IntoWine.com asked our panel of wine experts their recommendation for one Barolo wine worth seeking out (but which won't break the bank):
Old Barolos are my favorite dry reds in the world. The Nebbiolo grape--grown in this particular region with its special soils, climate, elevations and exposures, and made in the traditional style, with long aging in large neutral oak vessels--produces a wine that ages into something ethereal, haunting and very, very special. They also require at least 15-20 years of bottle age before the tannins sufficiently soften and the tertiary flavors really begin to develop so that all of the beauty locked up in these big, complex wines can start to be glimpsed.
The Rare Wine Co. is the best source of older Barolo in the U.S., at very fair prices, and they use my scores for the Barolos I’ve tasted that they have in inventory at any given time. Expect to pay north of $200, and generally in the $300-450 range, for a sufficiently aged beauty that will give you a real taste of what old Barolo has to offer. If money was no object, I’d personally pick up a few more bottles of one of my two all-time favorites, the 1958 Giacomo Borgogno or 1964 Giacomo Conterno.
If you’re a younger collector who has the time to acquire newer vintages on release and store them the requisite 15-20 years until they are worthy of being opened, my recommendations are to go with the great traditional producers that have the strongest track records: Bartolo Mascarello, Bruno Giacosa, Giuseppe Rinaldi, Giacomo Borgogno, Giacomo Conterno or Oddero. - Richard Jennings, IntoWine.com Featured Contributor and the Founder RJonWine.com
I love Barolo. If I could only have one wine in the world to drink, it would be Barolo. It is one wine I WOULD break the bank for. Still, there are some out there that are not too expensive that are worth it. Mauro Veglio makes a basic Barolo as well as some single vineyard cru bottlings. The basic Barolo can be found for around $30. It drinks well young but just a few years to 10 years of ageing in the cellar brings out wonderful complexities. The wine has wonderful aromas of cherries, tar and roses. Drinking the wine shows layered nuances of each of these, more so with age. If you are going to drink it right away, I would recommend decanting. The Barolos with a named vineyard on the labeling will cost closer to $50. I would absolutely recommend storing them away in a cool cellar for at least 5 even 10 years. Your patience will be rewarded. The 2004’s are on the shelves now and are wonderful. Any vintage in the last 12 years is great though with the lone exception of 2002. Look for a lot of sales in the first quarter of 2009. A string of great vintages with a slowing economy has put a lot of wine in the pipeline that needs to be moved. - Loren Sonkin is an IntoWine.com Featured Contributor and the Founder/Winemaker at Sonkin Cellars.
Barolo is another appellation whose quality is exceptionally high across the board. Some of the great wines of the world come from this unique place, and if you are a fan of Nebbiolo like me, chances are you have been captivated more than once by notes of rose petal, tar, smoked tea and crushed red plums. One of my favorite producers in terms of a price quality ratio is Massolino, located in the commune of Serralunga d’Alba. Although they produce an entire range of very high quality wines, their entry level Barolo is definitely worth seeking out. Last year I pulled out a bottle of 2000 Massolino Barolo to enjoy with friends at dinner. What a delicious nebbiolo, and to think that I only paid $35 to smell, taste, and enjoy a piece of Serralunga! The 2000 Massolino Barolo will be difficult to find, however I do recommend the 2004 Massolino Barolo, which is the current release. - Mulan Chan, Rhône and French Regional Buyer, K&L Wine Merchants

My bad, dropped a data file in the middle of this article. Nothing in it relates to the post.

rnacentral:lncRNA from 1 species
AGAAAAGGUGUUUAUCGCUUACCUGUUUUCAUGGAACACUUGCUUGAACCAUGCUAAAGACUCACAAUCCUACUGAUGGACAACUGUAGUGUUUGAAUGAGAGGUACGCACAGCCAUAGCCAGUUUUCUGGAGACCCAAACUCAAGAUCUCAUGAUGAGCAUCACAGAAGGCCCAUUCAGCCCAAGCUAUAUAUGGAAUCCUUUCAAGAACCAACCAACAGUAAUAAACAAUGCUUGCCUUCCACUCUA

From young vines, less than five years old, comes the 2005 Cascina Adelaide Langhe Nebbiolo ($32), a wild berry (“frutta di bosco”) wine meant for early consumption. Yes, many Barolos are structured to age for years in order to soften the aggressive tannins, but as with many things in life, it’s hard to wait. Though the tannins are firm, they do allow for a lot of fruit to appear early on. The black cherry, violet, subtle raspberry and leather are not diminished nor obliterated by heavy handed tannins in this wine, which is made near the foot of the Castle of Borolo, built in the 10th century. This Barolo is aged in oak for about a year, then placed in stainless steel, therefore the oak does not play a central part, but more of a walk-on. This is a wine which can be opened and drunk and doesn’t require rich sauces either. Though it will benefit from some air time, (it delves into a cinnamon-like cherry fruit wonder) pop the cork and enjoy the refinement and this slightly understated 100 percent nebbiolo will make you crave a wild boar ragu, or a spinach and ricotta calzone with an acidic marinara sauce. - Michael Cervin, Wine Judge, Restaurant Critic, and IntoWine Featured Writer
For those of you who know, Barolo is synonymous with intensity. Made with Nebbiolo grapes from the slopes of the central valley of Barolo in Northwest Italy, Giuseppe Mascarello’s Barolo from the Monprivato vineyard reveals something of the magic that gastronomic tourists pray for and very rarely encounter. The 2003 vintage, in particular, is one to grab if you can find it. The grapes ripened evenly and the smooth tannins refined the wine to a silky concentration of peppermint, black currants, cranberries, and a Byzantine flavors that finish with nuances of tobacco and anise. To drink Barolo is one thing. To drink really good Barolo is yet another. To experience the 2003 Monprivato Barolo is to have lived. (About $65 – and worth every penny). – Ben Spencer is a diploma student with the Wine & Spirit Education Trust and an IntoWine Featured Writer.